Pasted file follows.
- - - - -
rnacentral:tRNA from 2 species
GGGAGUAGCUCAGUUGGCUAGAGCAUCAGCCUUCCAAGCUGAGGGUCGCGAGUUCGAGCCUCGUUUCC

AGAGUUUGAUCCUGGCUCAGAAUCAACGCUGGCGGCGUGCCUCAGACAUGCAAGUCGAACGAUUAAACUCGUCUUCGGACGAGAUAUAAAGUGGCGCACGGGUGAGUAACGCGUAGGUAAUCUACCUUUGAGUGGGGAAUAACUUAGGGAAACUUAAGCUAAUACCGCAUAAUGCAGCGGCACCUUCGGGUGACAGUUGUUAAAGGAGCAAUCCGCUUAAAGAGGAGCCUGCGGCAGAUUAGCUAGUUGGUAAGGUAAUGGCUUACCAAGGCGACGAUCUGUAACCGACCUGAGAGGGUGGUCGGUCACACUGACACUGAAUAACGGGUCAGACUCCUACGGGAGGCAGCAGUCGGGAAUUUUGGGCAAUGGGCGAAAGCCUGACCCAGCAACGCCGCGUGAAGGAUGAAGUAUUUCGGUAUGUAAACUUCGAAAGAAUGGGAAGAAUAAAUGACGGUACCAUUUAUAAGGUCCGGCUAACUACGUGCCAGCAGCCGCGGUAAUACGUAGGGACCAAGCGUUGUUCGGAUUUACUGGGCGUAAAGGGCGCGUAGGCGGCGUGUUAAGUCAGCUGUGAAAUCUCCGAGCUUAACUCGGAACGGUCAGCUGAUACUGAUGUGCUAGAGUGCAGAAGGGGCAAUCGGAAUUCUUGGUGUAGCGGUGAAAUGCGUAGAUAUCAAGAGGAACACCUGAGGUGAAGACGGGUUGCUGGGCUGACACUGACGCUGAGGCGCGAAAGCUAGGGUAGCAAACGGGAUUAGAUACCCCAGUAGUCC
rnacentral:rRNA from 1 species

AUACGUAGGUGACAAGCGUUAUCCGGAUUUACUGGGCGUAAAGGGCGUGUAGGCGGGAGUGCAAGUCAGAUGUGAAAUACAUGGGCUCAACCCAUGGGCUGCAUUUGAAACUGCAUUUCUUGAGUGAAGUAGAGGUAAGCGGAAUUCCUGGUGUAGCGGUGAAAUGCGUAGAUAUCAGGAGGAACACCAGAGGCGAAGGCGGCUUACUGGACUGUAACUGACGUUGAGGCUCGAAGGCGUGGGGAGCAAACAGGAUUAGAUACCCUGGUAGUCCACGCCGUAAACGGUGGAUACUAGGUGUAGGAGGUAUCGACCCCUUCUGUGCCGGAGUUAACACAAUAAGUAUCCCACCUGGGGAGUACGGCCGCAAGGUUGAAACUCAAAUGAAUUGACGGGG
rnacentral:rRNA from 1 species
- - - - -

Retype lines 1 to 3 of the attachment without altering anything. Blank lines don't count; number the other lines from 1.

rnacentral:tRNA from 2 species
GGGAGUAGCUCAGUUGGCUAGAGCAUCAGCCUUCCAAGCUGAGGGUCGCGAGUUCGAGCCUCGUUUCC

AGAGUUUGAUCCUGGCUCAGAAUCAACGCUGGCGGCGUGCCUCAGACAUGCAAGUCGAACGAUUAAACUCGUCUUCGGACGAGAUAUAAAGUGGCGCACGGGUGAGUAACGCGUAGGUAAUCUACCUUUGAGUGGGGAAUAACUUAGGGAAACUUAAGCUAAUACCGCAUAAUGCAGCGGCACCUUCGGGUGACAGUUGUUAAAGGAGCAAUCCGCUUAAAGAGGAGCCUGCGGCAGAUUAGCUAGUUGGUAAGGUAAUGGCUUACCAAGGCGACGAUCUGUAACCGACCUGAGAGGGUGGUCGGUCACACUGACACUGAAUAACGGGUCAGACUCCUACGGGAGGCAGCAGUCGGGAAUUUUGGGCAAUGGGCGAAAGCCUGACCCAGCAACGCCGCGUGAAGGAUGAAGUAUUUCGGUAUGUAAACUUCGAAAGAAUGGGAAGAAUAAAUGACGGUACCAUUUAUAAGGUCCGGCUAACUACGUGCCAGCAGCCGCGGUAAUACGUAGGGACCAAGCGUUGUUCGGAUUUACUGGGCGUAAAGGGCGCGUAGGCGGCGUGUUAAGUCAGCUGUGAAAUCUCCGAGCUUAACUCGGAACGGUCAGCUGAUACUGAUGUGCUAGAGUGCAGAAGGGGCAAUCGGAAUUCUUGGUGUAGCGGUGAAAUGCGUAGAUAUCAAGAGGAACACCUGAGGUGAAGACGGGUUGCUGGGCUGACACUGACGCUGAGGCGCGAAAGCUAGGGUAGCAAACGGGAUUAGAUACCCCAGUAGUCC